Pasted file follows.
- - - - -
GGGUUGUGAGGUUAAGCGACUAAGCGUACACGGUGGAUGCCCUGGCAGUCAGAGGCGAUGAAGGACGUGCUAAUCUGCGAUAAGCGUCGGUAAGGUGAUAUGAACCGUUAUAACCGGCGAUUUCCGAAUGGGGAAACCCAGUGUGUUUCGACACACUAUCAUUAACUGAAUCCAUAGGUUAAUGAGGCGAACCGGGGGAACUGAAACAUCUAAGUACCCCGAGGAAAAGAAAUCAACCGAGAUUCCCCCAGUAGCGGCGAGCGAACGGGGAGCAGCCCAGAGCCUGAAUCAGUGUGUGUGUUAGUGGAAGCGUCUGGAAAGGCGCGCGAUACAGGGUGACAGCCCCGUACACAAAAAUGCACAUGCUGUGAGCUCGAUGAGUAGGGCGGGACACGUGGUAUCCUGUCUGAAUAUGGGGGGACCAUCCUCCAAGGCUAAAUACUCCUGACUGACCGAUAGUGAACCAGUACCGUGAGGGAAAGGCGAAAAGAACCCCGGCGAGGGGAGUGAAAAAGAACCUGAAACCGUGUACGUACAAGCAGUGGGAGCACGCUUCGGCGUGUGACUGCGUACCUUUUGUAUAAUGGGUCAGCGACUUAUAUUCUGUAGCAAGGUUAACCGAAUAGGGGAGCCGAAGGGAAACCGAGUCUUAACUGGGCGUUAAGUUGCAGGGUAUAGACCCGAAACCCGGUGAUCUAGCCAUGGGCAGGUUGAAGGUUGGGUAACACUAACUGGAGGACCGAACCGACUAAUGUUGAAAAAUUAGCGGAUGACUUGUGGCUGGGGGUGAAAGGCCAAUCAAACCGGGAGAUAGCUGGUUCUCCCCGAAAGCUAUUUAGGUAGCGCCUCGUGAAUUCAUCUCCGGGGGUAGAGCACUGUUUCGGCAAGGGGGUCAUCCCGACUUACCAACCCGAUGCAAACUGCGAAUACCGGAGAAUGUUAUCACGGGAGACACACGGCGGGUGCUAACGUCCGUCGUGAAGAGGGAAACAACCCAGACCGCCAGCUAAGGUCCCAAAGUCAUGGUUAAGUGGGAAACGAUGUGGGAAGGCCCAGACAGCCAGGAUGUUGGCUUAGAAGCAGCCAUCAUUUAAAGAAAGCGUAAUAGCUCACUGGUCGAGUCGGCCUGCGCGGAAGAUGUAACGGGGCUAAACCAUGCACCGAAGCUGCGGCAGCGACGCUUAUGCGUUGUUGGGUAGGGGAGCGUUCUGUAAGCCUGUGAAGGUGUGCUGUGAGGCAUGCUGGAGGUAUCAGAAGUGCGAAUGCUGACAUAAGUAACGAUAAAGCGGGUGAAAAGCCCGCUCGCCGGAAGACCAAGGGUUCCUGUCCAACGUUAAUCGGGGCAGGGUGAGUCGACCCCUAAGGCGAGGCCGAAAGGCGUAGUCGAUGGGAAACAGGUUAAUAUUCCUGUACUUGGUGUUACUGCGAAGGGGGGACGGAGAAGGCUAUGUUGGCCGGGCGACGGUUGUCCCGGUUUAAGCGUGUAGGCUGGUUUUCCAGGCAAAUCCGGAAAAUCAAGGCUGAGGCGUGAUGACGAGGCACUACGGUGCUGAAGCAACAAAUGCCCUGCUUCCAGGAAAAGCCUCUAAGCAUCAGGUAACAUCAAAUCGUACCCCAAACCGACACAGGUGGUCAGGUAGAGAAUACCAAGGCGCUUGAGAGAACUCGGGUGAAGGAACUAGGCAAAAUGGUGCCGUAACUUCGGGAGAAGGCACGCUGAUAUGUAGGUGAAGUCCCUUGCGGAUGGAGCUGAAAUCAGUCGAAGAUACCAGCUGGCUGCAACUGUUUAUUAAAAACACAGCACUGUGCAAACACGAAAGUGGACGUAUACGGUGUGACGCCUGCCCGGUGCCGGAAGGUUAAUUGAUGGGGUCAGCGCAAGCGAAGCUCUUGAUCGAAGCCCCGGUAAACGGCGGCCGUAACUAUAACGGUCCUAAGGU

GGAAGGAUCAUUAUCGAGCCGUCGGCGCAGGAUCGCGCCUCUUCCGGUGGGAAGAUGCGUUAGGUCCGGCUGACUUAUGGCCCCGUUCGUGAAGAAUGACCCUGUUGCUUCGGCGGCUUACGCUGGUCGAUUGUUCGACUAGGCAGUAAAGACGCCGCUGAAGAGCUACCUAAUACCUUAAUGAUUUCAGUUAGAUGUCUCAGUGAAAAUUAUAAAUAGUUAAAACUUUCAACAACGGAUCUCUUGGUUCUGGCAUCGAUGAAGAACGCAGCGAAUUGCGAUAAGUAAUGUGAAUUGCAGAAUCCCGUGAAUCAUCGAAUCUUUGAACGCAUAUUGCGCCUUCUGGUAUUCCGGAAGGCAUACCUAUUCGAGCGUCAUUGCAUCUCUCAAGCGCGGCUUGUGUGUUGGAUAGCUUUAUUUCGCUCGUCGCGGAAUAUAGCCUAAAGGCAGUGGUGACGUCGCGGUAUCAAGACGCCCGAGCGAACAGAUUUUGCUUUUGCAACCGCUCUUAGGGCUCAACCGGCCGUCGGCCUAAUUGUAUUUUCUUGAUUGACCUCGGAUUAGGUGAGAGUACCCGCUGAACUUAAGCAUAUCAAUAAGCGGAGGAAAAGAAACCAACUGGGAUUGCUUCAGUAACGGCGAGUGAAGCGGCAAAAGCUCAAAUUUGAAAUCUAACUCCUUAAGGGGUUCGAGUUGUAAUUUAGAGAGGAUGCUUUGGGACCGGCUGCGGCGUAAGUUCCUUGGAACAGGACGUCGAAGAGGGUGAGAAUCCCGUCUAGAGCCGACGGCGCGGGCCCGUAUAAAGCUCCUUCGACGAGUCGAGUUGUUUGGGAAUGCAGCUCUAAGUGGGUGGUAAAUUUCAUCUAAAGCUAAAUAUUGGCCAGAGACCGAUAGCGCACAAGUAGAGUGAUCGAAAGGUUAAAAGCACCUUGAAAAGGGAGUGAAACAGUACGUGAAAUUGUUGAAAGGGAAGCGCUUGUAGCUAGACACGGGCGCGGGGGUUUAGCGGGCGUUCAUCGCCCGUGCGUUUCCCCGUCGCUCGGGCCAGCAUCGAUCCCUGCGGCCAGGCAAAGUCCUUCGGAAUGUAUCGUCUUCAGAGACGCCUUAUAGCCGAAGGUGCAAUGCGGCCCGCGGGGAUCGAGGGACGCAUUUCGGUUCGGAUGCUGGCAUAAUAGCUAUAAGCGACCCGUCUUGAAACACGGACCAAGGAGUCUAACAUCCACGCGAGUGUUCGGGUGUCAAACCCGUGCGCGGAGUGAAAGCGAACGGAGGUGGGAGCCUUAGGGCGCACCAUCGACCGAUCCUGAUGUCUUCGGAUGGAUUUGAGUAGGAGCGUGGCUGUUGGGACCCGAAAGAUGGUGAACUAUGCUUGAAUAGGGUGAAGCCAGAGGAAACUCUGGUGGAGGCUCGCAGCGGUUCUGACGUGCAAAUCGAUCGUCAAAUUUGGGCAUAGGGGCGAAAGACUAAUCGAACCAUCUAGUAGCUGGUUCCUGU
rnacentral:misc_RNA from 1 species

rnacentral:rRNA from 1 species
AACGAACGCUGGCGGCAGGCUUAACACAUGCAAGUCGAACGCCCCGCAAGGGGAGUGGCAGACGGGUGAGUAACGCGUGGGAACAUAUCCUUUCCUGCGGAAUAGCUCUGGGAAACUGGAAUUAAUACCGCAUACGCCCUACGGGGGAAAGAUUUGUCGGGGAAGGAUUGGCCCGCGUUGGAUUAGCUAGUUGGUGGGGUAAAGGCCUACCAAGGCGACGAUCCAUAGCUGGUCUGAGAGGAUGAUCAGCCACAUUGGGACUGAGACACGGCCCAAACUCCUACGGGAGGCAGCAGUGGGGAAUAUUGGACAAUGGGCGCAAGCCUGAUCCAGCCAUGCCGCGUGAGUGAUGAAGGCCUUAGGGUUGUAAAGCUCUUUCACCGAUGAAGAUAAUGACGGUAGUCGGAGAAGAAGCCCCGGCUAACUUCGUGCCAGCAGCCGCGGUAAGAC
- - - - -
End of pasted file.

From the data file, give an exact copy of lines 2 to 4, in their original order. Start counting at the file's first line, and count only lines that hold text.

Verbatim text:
GGAAGGAUCAUUAUCGAGCCGUCGGCGCAGGAUCGCGCCUCUUCCGGUGGGAAGAUGCGUUAGGUCCGGCUGACUUAUGGCCCCGUUCGUGAAGAAUGACCCUGUUGCUUCGGCGGCUUACGCUGGUCGAUUGUUCGACUAGGCAGUAAAGACGCCGCUGAAGAGCUACCUAAUACCUUAAUGAUUUCAGUUAGAUGUCUCAGUGAAAAUUAUAAAUAGUUAAAACUUUCAACAACGGAUCUCUUGGUUCUGGCAUCGAUGAAGAACGCAGCGAAUUGCGAUAAGUAAUGUGAAUUGCAGAAUCCCGUGAAUCAUCGAAUCUUUGAACGCAUAUUGCGCCUUCUGGUAUUCCGGAAGGCAUACCUAUUCGAGCGUCAUUGCAUCUCUCAAGCGCGGCUUGUGUGUUGGAUAGCUUUAUUUCGCUCGUCGCGGAAUAUAGCCUAAAGGCAGUGGUGACGUCGCGGUAUCAAGACGCCCGAGCGAACAGAUUUUGCUUUUGCAACCGCUCUUAGGGCUCAACCGGCCGUCGGCCUAAUUGUAUUUUCUUGAUUGACCUCGGAUUAGGUGAGAGUACCCGCUGAACUUAAGCAUAUCAAUAAGCGGAGGAAAAGAAACCAACUGGGAUUGCUUCAGUAACGGCGAGUGAAGCGGCAAAAGCUCAAAUUUGAAAUCUAACUCCUUAAGGGGUUCGAGUUGUAAUUUAGAGAGGAUGCUUUGGGACCGGCUGCGGCGUAAGUUCCUUGGAACAGGACGUCGAAGAGGGUGAGAAUCCCGUCUAGAGCCGACGGCGCGGGCCCGUAUAAAGCUCCUUCGACGAGUCGAGUUGUUUGGGAAUGCAGCUCUAAGUGGGUGGUAAAUUUCAUCUAAAGCUAAAUAUUGGCCAGAGACCGAUAGCGCACAAGUAGAGUGAUCGAAAGGUUAAAAGCACCUUGAAAAGGGAGUGAAACAGUACGUGAAAUUGUUGAAAGGGAAGCGCUUGUAGCUAGACACGGGCGCGGGGGUUUAGCGGGCGUUCAUCGCCCGUGCGUUUCCCCGUCGCUCGGGCCAGCAUCGAUCCCUGCGGCCAGGCAAAGUCCUUCGGAAUGUAUCGUCUUCAGAGACGCCUUAUAGCCGAAGGUGCAAUGCGGCCCGCGGGGAUCGAGGGACGCAUUUCGGUUCGGAUGCUGGCAUAAUAGCUAUAAGCGACCCGUCUUGAAACACGGACCAAGGAGUCUAACAUCCACGCGAGUGUUCGGGUGUCAAACCCGUGCGCGGAGUGAAAGCGAACGGAGGUGGGAGCCUUAGGGCGCACCAUCGACCGAUCCUGAUGUCUUCGGAUGGAUUUGAGUAGGAGCGUGGCUGUUGGGACCCGAAAGAUGGUGAACUAUGCUUGAAUAGGGUGAAGCCAGAGGAAACUCUGGUGGAGGCUCGCAGCGGUUCUGACGUGCAAAUCGAUCGUCAAAUUUGGGCAUAGGGGCGAAAGACUAAUCGAACCAUCUAGUAGCUGGUUCCUGU
rnacentral:misc_RNA from 1 species

rnacentral:rRNA from 1 species